Blood, Whiskey, and Fire – A Short Story by Andrew Williford

Janey locks the door, grasping Mordecai’s sweaty palm with one hand and gripping Papa’s Henry rifle in the other. Mama screeches again, her voice muffled by the walls. It morphs into a whimper and stops, but there is no gunshot this time. All Janey hears is her little brother crying as he holds her hand. Her throat closes up as she realizes the man has killed Mama, too.

The children are alone now.

The faint press of drunken footsteps on creaking floorboards grows louder. Janey whips around to look for an escape route. She tries to wipe away her tears with her trembling arm. Her burning eyes dart across the dimly lit room. The kerosene lamp hanging from the low ceiling illuminates the only two possible escape routes. The bed is too close to the ground. The window is always stuck. Even if she could break it, the glass would destroy their bare feet. Janey’s heart plops into the pit of her stomach. 

A clanging noise pierces Janey’s ears and she whips back around. The doorknob twists back and forth. The door starts trying to jump out of its frame. Janey and Mordecai back up to the wall. She shakes Mordecai’s tiny hand out of her own and raises the gun. She feels a pair of arms envelop her leg through her dress. She tries to shove the stock through her shoulder, recalling Papa’s lessons. She tries to take a deep breath, but it still comes out shaky.

The door swings out of its frame, the sound of splintering wood forcing Janey’s eyes shut. She peels them open and looks at the figure standing in the doorway. He looks like one of those gunslingers Papa told her about, his colt and bottle seem extensions of his arms. As he enters the light, he holsters his gun and pulls a knife. The stench of whiskey and urine invades Janey’s nostrils. She pulls the trigger and all she hears is a click. She curses herself for being so silly. She struggles to cock the gun, forcing the lever forward and pinching herself when she pulls it back.

The man laughs at the state of her, twirling the knife in his hand. Janey aims at the man’s chest, telling herself to stop crying. She remembers Papa’s lessons; stare down the barrel, match up the sights, let out all air. She looks at the man again, his grin searing itself into her mind. She shuts her eyes and pulls the trigger. Sparks fly, smoke fills the room, the crack of the powder splits her ears, and the bottle shatters.

The smoke in Janey’s eyes dissipates, but the ringing in her ears does not.

She can see him clearly now.

The man stumbles backward, stopping underneath the lamp as his hat falls from his balding head. He is drenched in blood and whiskey.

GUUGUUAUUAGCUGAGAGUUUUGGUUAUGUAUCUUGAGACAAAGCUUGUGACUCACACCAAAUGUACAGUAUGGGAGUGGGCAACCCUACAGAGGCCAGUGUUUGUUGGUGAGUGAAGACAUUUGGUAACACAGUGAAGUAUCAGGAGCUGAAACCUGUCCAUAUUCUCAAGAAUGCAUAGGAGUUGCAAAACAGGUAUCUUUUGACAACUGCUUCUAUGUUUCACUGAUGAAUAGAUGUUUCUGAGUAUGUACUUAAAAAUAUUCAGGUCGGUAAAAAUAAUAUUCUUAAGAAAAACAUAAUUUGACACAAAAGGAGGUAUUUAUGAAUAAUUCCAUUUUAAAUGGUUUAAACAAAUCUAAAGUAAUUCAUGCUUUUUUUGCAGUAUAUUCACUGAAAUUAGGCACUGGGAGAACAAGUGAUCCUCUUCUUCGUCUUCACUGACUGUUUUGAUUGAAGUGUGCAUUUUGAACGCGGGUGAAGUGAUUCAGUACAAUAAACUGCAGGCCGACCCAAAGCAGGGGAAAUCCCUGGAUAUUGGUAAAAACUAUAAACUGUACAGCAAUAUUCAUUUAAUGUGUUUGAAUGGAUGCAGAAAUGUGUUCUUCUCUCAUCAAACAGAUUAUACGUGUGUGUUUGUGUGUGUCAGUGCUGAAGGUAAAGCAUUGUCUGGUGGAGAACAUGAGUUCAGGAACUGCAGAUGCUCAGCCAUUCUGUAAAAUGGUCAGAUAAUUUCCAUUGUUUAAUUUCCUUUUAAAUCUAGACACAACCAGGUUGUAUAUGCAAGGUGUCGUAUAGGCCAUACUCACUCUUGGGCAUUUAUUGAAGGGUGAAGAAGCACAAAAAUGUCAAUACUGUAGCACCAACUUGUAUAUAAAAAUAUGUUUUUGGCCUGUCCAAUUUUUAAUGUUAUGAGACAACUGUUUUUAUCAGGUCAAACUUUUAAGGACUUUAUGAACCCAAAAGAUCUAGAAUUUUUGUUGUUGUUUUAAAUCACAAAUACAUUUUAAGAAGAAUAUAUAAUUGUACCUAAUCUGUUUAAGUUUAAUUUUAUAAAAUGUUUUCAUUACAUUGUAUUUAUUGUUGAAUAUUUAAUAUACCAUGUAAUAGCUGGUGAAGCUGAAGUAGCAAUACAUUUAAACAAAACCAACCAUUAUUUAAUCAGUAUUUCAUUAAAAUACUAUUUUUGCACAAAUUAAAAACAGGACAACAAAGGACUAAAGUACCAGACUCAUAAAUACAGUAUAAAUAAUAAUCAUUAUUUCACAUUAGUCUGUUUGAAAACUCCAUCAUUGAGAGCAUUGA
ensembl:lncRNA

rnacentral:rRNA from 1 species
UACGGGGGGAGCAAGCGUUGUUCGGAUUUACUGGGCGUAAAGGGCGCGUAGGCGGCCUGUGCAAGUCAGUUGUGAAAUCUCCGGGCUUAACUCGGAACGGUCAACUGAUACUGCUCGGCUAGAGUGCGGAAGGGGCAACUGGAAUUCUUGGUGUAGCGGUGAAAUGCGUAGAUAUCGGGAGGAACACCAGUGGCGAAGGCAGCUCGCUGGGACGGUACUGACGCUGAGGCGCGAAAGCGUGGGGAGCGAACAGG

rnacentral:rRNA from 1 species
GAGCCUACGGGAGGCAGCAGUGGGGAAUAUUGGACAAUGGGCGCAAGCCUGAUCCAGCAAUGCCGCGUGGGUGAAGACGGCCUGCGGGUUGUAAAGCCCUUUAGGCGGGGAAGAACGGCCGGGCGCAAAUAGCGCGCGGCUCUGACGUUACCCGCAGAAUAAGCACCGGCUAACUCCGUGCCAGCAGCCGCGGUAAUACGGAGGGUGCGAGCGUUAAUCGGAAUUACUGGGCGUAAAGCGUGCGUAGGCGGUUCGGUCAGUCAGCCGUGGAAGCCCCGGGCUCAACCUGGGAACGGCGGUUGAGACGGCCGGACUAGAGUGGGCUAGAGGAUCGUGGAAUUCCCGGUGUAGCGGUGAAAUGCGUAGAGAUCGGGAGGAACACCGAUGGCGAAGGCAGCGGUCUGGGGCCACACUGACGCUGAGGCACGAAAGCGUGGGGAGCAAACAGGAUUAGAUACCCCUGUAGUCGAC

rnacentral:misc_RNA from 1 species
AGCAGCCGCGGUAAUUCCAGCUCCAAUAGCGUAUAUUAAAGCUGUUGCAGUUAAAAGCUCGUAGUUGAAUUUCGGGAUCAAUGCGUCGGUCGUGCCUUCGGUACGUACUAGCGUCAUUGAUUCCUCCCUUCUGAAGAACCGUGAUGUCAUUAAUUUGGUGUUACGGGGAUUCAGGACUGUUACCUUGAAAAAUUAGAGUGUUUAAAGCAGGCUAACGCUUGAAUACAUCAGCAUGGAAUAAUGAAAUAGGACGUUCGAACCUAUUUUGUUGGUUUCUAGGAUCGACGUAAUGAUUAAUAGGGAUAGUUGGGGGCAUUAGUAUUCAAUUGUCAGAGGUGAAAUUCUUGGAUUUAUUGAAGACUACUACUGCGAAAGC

He takes his hand off his chest and looks down at the blood. He looks back at Janey and his eyes infuriate her. They are shocked and pleading, begging her. She looks at the knife in his hand. That’s the same knife Mama tried to use on him. Then she looks at the shattered bottle at the man’s feet. She remembers that he wasn’t carrying any with him when he came in. That’s Papa’s whiskey. He stole from them. He took his time killing Mama on purpose. He was smiling earlier. He was enjoying it.

She glares at the pathetic drunk, the icy fear in her stomach morphing into a fiery hatred. His eyes are comically wide, his knees wobbling pitifully. Her jaw tightens and her nostrils flare as she exhales. She forces the lever forward and back into place. She points the gun at him again, but then raises it, aiming above him.

She shoots the lamp and hell descends. He screeches the way Mama did. She lowers the gun and stares at him. The flames engulf him as he places his hands on his searing face. He drops to his knees and rocks back and forth. The flames mystify her. It’s like looking at the deer again. The corners of her mouth begin to peak up.

Mordecai screams at her and she finally turns to look at him. He is still crying, his eyes begging her to run. She finally comes to her senses. Janey grabs Mordecai’s hand and starts moving around the writhing pillar of flames, forgetting to avoid the shards of glass on the floor.

They run through the doorway and back into the dinner room. Papa is still dead on the ground and Mama is now lying dead on the table, her head hanging off the edge. Janey looks away from the corpse and drags her little brother out of the house.

The screams continue as Janey leaves a trail of blood behind her. Her feet sting. She curses herself for being so silly.

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